Vintage Charts…how to use them.

3BrunellosMany of us believe that the best wine is the highest rated wine…not necessarily true..

WS_VintageChartWhat do vintage charts mean and how to use them…

Hold (cellar)This wine is not really ready to drink. It will probably be very tannic and require some aging. If you do want to drink it now you should open it up and decant it (pour it into a larger container and swirl it around) then wait a few hours before serving it. This helps the wine soften and open up.

Drinkno explanation needed here.

Drink/Hold– Gets a little more complicated. Whether it will drink well right now depends on the producer, where the grapes were grown and what the weather conditions were like that year.

A real world example using a Wine Spectator vintage chart (app) for one of the greats- Brunello di Montalcino from Tuscany, Italy.

2010ScoponeLooking at the chart for the highest rated wine, would indicate that you should buy the 2010. 2010 produced some amazing wines and they are well priced BUT they really aren’t ready (see Hold above). If you want to hold this wine for 5-10 years this would be a great purchase.

 

 

2004IlPatrizieFor a splurge and drinking now, the next highest rated would be 2004. This is what you want! 2004 was an excellent vintage for this wine and they are perfect right now. They may be a little difficult to find and a little pricey, but the search is worth it.

 

 

2005CortePavoneFor value drinking you will need to stay away from the top rated vintages. A good strategy is to look at wines that fall in between 2 great vintages. 2005 was between the high rated vintages of 2004 and 2006. This is what the wine pros buy because they are more readily available and the best buy.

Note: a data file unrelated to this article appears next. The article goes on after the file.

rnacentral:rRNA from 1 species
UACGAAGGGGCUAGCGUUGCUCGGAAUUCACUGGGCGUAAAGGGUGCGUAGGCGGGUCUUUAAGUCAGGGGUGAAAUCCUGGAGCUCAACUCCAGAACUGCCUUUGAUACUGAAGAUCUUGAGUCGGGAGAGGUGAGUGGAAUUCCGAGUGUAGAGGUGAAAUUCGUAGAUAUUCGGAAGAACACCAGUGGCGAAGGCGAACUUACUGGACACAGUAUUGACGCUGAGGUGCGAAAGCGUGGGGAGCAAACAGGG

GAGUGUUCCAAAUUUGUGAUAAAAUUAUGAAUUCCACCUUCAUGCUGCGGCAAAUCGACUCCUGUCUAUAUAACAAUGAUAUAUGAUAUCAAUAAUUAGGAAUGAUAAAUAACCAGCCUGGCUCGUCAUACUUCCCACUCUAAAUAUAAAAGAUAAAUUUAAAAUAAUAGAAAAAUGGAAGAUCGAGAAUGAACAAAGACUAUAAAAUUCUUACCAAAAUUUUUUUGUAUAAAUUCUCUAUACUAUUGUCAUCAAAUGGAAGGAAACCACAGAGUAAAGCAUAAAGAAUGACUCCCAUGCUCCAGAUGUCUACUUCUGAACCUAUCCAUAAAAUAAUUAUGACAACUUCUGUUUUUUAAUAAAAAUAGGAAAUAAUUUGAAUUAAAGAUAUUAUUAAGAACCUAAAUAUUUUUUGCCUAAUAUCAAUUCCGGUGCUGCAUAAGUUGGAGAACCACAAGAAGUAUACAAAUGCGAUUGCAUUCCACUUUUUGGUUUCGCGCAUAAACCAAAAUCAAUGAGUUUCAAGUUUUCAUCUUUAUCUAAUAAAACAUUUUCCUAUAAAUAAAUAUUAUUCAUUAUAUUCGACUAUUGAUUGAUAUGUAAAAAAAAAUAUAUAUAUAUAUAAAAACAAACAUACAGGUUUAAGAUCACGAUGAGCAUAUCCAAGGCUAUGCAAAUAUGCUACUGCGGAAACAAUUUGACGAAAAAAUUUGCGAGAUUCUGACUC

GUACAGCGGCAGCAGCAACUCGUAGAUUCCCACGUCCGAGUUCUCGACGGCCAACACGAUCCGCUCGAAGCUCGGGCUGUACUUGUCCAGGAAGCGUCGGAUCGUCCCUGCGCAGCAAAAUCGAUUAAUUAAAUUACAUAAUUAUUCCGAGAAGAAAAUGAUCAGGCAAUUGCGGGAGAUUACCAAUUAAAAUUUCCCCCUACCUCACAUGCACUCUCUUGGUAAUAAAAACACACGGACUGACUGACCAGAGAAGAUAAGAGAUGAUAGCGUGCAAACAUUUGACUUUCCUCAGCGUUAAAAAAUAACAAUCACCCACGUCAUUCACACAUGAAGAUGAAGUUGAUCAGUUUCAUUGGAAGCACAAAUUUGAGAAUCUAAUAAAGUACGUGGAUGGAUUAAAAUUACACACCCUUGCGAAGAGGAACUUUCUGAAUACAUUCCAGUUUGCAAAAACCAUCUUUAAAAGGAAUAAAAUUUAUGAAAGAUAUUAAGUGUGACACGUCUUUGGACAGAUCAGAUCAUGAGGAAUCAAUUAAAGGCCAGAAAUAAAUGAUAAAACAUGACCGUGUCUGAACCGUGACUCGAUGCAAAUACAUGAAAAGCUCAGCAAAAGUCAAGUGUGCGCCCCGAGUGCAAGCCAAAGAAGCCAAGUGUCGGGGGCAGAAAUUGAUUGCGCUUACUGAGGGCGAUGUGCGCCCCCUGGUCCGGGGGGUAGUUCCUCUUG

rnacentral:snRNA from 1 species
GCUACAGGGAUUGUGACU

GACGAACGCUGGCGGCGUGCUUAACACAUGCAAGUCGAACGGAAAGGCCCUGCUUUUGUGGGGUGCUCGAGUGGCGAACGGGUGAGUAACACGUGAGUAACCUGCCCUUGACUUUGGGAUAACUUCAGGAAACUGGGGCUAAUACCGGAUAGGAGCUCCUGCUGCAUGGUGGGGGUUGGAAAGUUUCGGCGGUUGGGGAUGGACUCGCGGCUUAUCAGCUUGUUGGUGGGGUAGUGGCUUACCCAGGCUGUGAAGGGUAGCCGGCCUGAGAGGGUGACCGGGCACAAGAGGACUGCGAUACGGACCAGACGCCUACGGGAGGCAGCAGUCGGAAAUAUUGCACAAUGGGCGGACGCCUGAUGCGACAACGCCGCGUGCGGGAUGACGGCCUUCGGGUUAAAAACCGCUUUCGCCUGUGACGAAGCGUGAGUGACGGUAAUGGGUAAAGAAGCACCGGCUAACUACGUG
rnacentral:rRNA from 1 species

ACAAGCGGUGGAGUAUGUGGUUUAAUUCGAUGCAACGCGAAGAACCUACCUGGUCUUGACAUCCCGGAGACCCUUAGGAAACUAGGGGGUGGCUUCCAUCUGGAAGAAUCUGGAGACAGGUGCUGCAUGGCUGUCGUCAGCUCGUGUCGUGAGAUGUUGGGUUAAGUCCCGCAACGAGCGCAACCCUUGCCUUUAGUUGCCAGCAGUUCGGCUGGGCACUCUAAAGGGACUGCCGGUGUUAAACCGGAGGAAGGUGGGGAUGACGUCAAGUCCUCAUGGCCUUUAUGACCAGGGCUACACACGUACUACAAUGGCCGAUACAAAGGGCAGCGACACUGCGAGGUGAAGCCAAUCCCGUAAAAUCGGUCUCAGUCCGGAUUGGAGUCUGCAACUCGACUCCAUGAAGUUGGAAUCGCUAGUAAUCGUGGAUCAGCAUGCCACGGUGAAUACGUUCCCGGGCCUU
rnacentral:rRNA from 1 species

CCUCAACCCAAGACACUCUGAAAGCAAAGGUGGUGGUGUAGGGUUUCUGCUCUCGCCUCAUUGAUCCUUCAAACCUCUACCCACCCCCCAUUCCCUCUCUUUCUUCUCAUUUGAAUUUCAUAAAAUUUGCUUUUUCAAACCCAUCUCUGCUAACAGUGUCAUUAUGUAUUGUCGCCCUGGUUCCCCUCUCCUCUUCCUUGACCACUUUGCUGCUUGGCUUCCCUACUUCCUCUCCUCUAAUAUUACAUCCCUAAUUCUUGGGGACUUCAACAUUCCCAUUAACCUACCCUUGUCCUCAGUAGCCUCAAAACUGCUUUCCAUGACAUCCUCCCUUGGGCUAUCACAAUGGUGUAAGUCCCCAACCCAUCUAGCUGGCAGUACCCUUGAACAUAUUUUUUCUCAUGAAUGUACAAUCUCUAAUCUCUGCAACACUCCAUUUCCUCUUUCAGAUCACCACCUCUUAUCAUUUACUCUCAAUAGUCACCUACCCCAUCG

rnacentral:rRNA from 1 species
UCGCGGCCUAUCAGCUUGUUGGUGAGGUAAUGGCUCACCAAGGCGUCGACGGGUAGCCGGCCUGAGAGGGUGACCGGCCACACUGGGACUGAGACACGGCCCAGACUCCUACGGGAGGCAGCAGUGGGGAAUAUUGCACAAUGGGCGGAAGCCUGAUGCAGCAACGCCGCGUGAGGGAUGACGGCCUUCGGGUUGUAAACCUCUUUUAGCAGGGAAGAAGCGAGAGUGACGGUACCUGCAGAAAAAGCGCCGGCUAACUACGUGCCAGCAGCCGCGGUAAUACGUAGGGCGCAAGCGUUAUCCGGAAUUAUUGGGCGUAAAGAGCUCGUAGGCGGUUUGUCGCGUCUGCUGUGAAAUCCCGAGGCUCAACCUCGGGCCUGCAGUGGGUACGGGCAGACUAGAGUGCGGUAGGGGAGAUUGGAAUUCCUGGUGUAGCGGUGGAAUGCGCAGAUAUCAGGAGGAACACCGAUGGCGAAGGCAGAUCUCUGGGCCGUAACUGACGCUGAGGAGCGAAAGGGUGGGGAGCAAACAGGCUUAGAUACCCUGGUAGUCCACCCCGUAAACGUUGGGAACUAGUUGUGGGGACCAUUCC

Please share your favorite Vintage tips

Wine of the Week- Print, Press, (squid) Ink

We met some great friends for dinner, Lori and Michael, who were in town for birthday celebrations. Very cold in New York this weekend and they had a great restaurant in their hotel…easy decision on where to eat.

The new Kimpton Hotel property, Ink48 was previously a printing house. It is made up of the hotel, “Press” Lounge on the rooftop, and “Print” Restaurant, on the ground floor. The meeting rooms are named after typefaces, Garamond, Courier, Helvetica. Being a print production guy I love all of the references but I couldn’t locate anything that reminded me of any printing plant I have been in (no ink or varnish smells, no rolls of paper or heavy machinery). Not even a noisy, packed restaurant, can come close to the activity and decibal level of a pressroom.

Sorry, I digress. On to the rooftop lounge…
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